If you have never felt the force of Job’s words, you have lived your life in a much protected place. For most folk the world over, most of the time, his words are all too accurate.

To be human is to be centered outside yourself, in hunger and desire.

Even in the Gospel, a world-weariness settles over the scene. Jesus heals Simon Peter’s mother-in-law. She gets up and goes back to waiting upon her guests. And the Lord then finds that “the whole town was gathered at the door” (Mk 1:33). Who isn’t weary and suffering in this scene? The recovered woman, waiting upon them? The suffering line of sorrows at the door? And what of the Lord? To be human is to suffer with those who suffer. Yes, he heals them, but first Jesus sees and shares their sufferings, perhaps to the point of lassitude.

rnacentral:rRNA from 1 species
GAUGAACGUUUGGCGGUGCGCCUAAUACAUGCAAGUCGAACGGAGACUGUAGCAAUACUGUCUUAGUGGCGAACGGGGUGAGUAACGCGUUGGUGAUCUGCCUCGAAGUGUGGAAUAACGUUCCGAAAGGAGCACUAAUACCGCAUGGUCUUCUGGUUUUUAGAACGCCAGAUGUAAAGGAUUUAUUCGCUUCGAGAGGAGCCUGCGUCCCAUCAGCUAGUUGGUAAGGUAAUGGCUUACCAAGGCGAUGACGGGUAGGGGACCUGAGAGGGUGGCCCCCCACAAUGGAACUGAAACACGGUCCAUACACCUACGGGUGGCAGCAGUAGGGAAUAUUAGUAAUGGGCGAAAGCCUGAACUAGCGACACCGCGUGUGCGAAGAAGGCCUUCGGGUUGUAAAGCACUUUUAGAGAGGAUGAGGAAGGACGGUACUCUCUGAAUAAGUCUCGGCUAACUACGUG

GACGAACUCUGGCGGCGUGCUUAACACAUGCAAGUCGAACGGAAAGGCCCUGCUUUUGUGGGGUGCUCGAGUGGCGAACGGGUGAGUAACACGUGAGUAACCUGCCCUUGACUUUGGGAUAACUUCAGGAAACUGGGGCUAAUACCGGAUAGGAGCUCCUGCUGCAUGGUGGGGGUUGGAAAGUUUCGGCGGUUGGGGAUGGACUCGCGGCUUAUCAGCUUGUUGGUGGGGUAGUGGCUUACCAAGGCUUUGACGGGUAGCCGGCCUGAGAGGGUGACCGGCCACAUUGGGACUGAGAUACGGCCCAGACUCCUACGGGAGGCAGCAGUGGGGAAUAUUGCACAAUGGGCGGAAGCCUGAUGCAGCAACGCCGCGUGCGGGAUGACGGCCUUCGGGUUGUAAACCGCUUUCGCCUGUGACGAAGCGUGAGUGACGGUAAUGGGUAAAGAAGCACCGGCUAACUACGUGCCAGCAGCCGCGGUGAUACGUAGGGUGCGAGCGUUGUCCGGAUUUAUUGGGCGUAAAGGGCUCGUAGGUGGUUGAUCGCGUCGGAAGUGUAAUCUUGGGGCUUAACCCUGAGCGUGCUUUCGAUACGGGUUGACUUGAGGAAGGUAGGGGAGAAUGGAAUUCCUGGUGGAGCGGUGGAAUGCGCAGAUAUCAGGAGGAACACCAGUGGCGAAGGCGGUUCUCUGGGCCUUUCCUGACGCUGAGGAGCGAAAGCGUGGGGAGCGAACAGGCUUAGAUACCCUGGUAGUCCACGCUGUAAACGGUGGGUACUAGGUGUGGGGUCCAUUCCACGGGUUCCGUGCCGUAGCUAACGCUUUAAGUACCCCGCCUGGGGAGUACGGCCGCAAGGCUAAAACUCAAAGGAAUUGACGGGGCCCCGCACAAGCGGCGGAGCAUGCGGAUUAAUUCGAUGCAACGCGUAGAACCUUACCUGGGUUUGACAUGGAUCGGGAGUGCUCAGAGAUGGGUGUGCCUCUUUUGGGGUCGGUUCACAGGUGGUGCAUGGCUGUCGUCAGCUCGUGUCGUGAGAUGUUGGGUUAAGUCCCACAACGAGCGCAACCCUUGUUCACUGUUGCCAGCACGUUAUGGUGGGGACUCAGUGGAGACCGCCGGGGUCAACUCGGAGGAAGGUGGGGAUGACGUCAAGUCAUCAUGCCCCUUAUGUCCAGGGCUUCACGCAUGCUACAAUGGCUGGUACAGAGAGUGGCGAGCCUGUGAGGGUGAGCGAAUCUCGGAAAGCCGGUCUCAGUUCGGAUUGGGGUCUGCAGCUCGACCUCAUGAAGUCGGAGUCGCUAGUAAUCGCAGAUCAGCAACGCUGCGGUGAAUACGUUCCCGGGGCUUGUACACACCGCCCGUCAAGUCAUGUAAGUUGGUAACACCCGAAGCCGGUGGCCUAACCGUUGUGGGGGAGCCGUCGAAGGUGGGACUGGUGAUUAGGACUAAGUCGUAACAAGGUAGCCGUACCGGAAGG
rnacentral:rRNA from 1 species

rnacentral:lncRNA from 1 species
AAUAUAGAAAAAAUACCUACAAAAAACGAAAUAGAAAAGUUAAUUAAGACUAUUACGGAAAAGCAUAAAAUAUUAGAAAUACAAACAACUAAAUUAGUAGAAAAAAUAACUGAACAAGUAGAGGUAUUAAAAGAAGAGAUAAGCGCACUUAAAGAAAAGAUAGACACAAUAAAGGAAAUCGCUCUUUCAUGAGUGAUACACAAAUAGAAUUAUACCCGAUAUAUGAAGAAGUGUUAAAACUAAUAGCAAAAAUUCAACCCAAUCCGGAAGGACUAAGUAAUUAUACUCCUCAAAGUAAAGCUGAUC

Remember that haunting line from the U2 song, “With or Without You”?

And you give yourself away
And you give yourself away
And you give
And you give
And you give yourself away

It comes down to this. We are those who give ourselves away. We are those who must give ourselves away. To be human is to be centered outside yourself, in hunger and desire. There is something incomplete in us, something that must forage in the world. And in a fallen world, we will exhaust ourselves in the attempt. We will, literally, give ourselves away.

Are your life’s energies being poured into something that gives life, to you and to others?

The great Gospel question is this: Are your life’s energies being poured into something that gives life, to you and to others? Yes, the mother in the grocery store is exhausted, but when life offers her a chance to reflect, she knows why she gives herself away. She knows that it is well worth it.

So does Jesus. The next morning, after a night of prayers, he tells his disciples:
Let us go on to the nearby villages
that I may preach there also.
For this purpose have I come (Mk 1: 38).